Real Estate outlook in the Middle East

Real Estate outlook in the Middle East

The Middle East is a booming real estate market, open to foreign and domestic investors. Billions of dollars have been invested in the region, making it globally one of the fastest-growing real estate markets, according to Research and Markets. There are approximately 15,000 real estate offices in the region, offering something for everyone.

Let’s look at the outlook for real estate in the Middle East:

  1. Dubai market expanding: Dubai investment is particularly appealing, considering price growth has outpaced many other parts of the world including major cities like London and Sydney. In 2015, residential property values fell 10% following two years of increases. The decrease, however, was not experienced in all parts of Dubai, and the city still experienced a 11.6% compound annual growth rate in property prices. Meanwhile, office space sales grew 12%. Growth is projected to grow, but at a slow rate. Retail properties are forecasted to grow 1.6% between 2016 and 2019. Source: Deloitte
  1. Turkey popular investment market for others in region: In 2016, investment in Turkey was strong, especially from other nations in the Middle East. The top three nations to invest in Turkey are Iraq, Saudi Arabia and Kuwait. Collectively, investors from these three nations purchased 733 properties in November. This figure, however, reflects a decrease of 16.3% from October’s investments. Foreign investors are cautious, concerned about terrorism and political instability. Source:  Middle East Monitor
  1. Super towers are returning: For a decade, the Middle East has been known for its construction of super towers, towers more than 300 meters (984.3 feet) high, but 2016 was an exception. Of the 128 super towers completed worldwide, none were in the Middle East. According to the Council on Tall Buildings and Urban Habitat, however, nine will be completed this year. The next few years will see a small number of super towers being built as structures of that size are becoming increasingly difficult to finance. Council on Tall Buildings and Urban Habitat (CTBUH). Council on Tall Buildings and Urban Habitat (CTBUH). Source: The National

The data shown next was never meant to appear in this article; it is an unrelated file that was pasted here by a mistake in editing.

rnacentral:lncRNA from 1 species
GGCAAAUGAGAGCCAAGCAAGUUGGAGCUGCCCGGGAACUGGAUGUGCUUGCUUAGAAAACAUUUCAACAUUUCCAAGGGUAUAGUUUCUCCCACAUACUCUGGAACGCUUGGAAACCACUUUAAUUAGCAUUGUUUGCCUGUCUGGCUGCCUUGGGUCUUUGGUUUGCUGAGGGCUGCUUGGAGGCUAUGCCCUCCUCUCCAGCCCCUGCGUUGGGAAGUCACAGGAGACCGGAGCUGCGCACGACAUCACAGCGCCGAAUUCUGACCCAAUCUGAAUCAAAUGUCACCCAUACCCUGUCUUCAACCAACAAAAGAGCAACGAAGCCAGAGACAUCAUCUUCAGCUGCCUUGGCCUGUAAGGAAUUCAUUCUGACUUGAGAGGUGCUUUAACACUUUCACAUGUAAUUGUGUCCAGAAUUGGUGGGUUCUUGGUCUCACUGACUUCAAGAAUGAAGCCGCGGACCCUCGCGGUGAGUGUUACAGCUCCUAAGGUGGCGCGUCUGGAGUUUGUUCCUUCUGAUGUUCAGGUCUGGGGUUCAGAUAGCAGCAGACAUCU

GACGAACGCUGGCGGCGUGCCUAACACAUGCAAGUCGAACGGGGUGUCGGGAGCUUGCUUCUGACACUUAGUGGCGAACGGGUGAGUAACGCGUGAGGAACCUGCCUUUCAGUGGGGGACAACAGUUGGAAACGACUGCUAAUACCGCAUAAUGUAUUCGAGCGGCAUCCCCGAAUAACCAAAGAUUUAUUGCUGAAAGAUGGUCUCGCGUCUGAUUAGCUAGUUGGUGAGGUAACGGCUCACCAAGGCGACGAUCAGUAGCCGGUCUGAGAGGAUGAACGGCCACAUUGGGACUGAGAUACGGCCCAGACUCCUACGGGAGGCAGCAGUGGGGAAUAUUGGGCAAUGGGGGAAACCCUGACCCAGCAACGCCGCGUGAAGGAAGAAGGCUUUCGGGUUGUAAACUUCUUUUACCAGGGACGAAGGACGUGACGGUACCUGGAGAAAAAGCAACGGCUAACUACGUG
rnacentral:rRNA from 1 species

1. Property opening up to middle-class buyers: Property developer Al Hamra Real Estate Development has a plan to attract buyers to vacant luxury properties. The properties, located outside of Dubai, will be offered to buyers at a decreased mortgage fee of $898.5 monthly for five years. The developer said most of the units were occupied and it was seeking to fill the rest with property investors. In the United Arab Emirates, it is not uncommon for investors to pay rent while making mortgage payments on a property. Between the second and third quarters of 2016, the average rental payment in the region increased 2%. Source: ME Construction News
  1. Hotel investment robust: The hotel market in the Middle East remains robust and is open to investment, a statement by the Arabian Hotel Investment Conference claims. Katara Hospitality chief executive officer Hamad Abdulla Al-Mulla said at the annual event, “The Middle East hotel market remains a vibrant and exciting one for investors. The region’s fundamentals are strong, making it an attractive investment destination. In Qatar for example, the outlook for the hotel industry is especially promising.” Source: Hotelier Middle East


Top Photo: Getty Images

About Author

Melina Druga is an author and freelance journalist, working with our partner Reportlinker.

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